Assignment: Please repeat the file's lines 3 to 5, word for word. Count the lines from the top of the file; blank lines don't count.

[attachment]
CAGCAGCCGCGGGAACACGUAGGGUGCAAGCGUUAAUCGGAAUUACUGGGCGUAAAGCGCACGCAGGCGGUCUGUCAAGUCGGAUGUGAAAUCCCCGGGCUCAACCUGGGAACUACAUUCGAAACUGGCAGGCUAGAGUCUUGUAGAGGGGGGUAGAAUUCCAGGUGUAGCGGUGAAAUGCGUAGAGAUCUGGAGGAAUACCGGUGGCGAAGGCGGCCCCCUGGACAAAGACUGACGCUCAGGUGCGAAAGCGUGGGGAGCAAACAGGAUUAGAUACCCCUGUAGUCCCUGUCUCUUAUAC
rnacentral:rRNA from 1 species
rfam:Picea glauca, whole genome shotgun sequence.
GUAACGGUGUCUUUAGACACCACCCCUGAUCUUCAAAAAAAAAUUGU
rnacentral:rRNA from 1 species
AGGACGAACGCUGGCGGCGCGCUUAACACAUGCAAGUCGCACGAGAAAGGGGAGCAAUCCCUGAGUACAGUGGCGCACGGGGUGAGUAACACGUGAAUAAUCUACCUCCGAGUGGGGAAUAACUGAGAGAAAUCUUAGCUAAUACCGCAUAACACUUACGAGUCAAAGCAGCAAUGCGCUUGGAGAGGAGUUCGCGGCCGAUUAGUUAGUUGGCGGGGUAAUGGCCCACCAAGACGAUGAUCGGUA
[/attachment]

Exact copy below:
rfam:Picea glauca, whole genome shotgun sequence.
GUAACGGUGUCUUUAGACACCACCCCUGAUCUUCAAAAAAAAAUUGU
rnacentral:rRNA from 1 species